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Trade can be made free, but

By Alan Moran - posted Friday, 15 November 2002


Gains from lower trade barriers

Reduced trade barriers have been key elements in the increased prosperity the world has seen in the post-1945 era. These lower barriers have allowed greater specialisation of production with consequent gains in cheaper goods enjoyed by all parties.

At the present time, the average tariff on imports into Australia is 3.8 per cent. In 1983/84 the tariff equivalent averaged 21 per cent for agricultural products and 13 per cent for manufactures.

The rapid reduction in Australian tariffs did not cause high levels of unemployment. Present levels of unemployment are lower now than they were during the mid-1980s.

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Drivers for liberalisation

Multilateral agreements under the GATT and WTO have been the leading arrangements bringing greater liberalisation but narrower agreements, like the European Union and Canada-US bilateral free trade, have also been significant. For Australia, the bilateral NAFTA and CER agreements with New Zealand have made important contributions in allowing Australia and New Zealand to become, in substance, a single economy.

Unilateral, non-reciprocated trade reform also offers benefits – indeed, Australia’s liberalisation has in the main been of this nature, with tariff and other barriers being reduced following reports of the Productivity Commission or its predecessors. These unilateral reductions have then been used as bargaining coin to seek concessions from other countries in trade negotiations.

Although trade liberalisation works best if all parties participate, gains are also made with unilateral liberalisations where others do not reciprocate. Unilateral liberalisations result in a relative contraction or improved efficiency of the tariff-reducing country’s less competitive businesses. These outcomes allow more to be produced with the same labour, capital and other resources.

Benefits of liberalisation

Traditionally, trade benefits have been seen most clearly where countries have vastly different economic structures. Comparative advantage in different areas of production has allowed both countries to gain as a result of specialisation. (The so-called Heckscher-Ohlin model).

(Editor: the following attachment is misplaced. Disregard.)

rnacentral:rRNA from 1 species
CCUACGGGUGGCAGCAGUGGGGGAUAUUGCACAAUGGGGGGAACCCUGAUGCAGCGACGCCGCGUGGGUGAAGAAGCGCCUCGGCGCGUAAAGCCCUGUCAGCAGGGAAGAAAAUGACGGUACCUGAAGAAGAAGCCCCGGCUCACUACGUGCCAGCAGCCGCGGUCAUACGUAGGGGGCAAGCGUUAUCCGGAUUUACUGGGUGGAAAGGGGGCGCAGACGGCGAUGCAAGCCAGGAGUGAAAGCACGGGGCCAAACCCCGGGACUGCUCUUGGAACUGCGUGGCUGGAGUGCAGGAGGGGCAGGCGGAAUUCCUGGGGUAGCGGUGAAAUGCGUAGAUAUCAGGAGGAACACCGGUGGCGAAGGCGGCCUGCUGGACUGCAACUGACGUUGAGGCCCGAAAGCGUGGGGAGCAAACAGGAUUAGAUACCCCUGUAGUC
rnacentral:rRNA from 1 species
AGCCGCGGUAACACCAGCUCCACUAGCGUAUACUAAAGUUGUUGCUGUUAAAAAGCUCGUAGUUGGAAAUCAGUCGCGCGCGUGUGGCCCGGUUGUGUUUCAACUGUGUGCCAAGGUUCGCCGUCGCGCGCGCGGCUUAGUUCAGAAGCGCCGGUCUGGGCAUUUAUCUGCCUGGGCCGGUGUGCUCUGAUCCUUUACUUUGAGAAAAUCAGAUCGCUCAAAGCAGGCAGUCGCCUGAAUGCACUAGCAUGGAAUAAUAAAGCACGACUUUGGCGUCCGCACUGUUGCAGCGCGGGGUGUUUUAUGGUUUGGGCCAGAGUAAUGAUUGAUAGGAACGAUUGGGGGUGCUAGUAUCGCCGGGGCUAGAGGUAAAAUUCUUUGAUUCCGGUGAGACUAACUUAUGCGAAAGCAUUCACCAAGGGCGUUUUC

This view of trade gains has been at the heart of the process over a long period; England sent manufactures to Australia and received primary products in return.

More recently, the increased income levels stemming from the European Union (EU) have highlighted different forms of gains or, perhaps more accurately, a different view of the same gains. The EU gains were realized by countries with structurally similar economies.

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The gains came from intra-industry trade – the trading partners appeared to be buying and selling goods that they already made in their home countries. The gains from this intra-industry trade following liberalisations between countries that have similar economic profiles have come from two directions:

  • increased competitive pressures on suppliers that previously went less heavily challenged in their home markets - businesses facing increased competition usually lift their performance to the benefit of consumers in all participating countries; and
  • a variation of the traditional comparative advantage gains but one that takes advantage of the increased specialisation of modern production and the increased number of stages through which materials are put prior to reaching the final consumer.

Fair Trade

Over the years there have always been calls for trade liberalisation conditional on some measure of "fairness". After all, it could be said that those countries that pay very low wages are at a trade advantage with high-wage countries like Australia.

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About the Author

Alan Moran is the principle of Regulatory Economics.

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